For businesses that sell online, your website does one vital thing; it acts as your shop, it allows people to make purchases and chances are, if it doesn’t do well, your business will fail. So naturally, it is vitally important that you constantly market your website and increase your traffic and ultimately your sales.
It can be hard to know what to track though right? Obviously, more sales is a good thing, but how do you know how well your site is really performing? Which stats matter most, and which ones just take up your time without giving actionable data?
What Can I Track With Google Analytics
A bounce is any time a user lands on your site and leaves without visiting any further pages. In other words, they see one page and then exit right away. A high bounce rate effectively means that you are leaking visitors.
Every page on your site will have its own bounce rate (assuming it receives incoming traffic), but your main landing pages (the ones which receive the most traffic) are the key ones to look at.
Every time you make changes on any key pages (or to your site’s design) you should pay attention to whether it affects your bounce rate. Anything that lowers your bounce rates is generally a good thing (all other things being equal).
Time On Site
Time on site is a little more in depth than bounce rate. This literally measures how long each user spends on your site before leaving. Needless to say, the longer a user stays, the more likely they are to make a purchase, fill in a contact form, etc…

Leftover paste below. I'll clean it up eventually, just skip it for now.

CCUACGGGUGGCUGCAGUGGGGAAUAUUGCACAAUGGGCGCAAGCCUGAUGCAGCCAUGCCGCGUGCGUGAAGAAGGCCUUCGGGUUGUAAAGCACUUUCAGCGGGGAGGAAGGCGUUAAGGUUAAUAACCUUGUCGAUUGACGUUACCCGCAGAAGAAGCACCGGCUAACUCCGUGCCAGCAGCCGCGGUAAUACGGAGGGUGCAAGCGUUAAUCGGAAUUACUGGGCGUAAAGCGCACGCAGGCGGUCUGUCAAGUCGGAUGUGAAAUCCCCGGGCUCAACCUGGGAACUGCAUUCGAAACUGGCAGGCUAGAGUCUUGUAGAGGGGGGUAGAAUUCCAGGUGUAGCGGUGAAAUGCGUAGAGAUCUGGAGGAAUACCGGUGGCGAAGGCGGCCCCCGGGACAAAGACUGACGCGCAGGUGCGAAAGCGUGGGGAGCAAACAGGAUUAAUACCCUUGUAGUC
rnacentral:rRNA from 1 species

There are a great many factors that can affect time on site, but in particular you should look out for any changes which result in a lower time on site – as this can be a signal that something has changed for the worse.
Last year Google formally acknowledged that load time is a ranking factor, which means that speeding up your website can improve your rankings. But there is a bigger factor than that: If a page loads quicker, users will browse your site more and stay longer.
You can set-up Analytics to track load times, which gives you the ability to see how long your pages take to load for your users. This is a great way to monitor your site’s health, and over time you can try to make changes to improve load times.
Each page has an exit rate. Some pages will naturally get more exits (such as the thank you page after filling in a contact form). You should look at all of your main pages (any page which gets a lot of page views) and find those with the highest bounce rates.
Tracking your exit rates will give you a short list of the pages where most of your traffic is leaking away. This is very actionable data; any pages which seem to be resulting in a lot of exits can be re-worked, either subtly or completely, to reduce that bounce rate.
Consider improving the navigation on these pages by adding related links, FAQ or some sort of call to action in order to rope in the user and bring them back on the site. You could also check whether the offending page is loading more slowly than the rest of the site.
Finally; tracking where your traffic is coming from is a vital step to monitoring the performance of your various marketing channels. You can compare different traffic sources based on how much traffic they provide and the quality of that traffic.
Look at your search engine traffic and also your referral traffic, you might be surprised which websites are sending you the most traffic! Also remember to monitor the bounce rate of each traffic source, as well as time on site etc… Use this data to learn which channels send you the best traffic.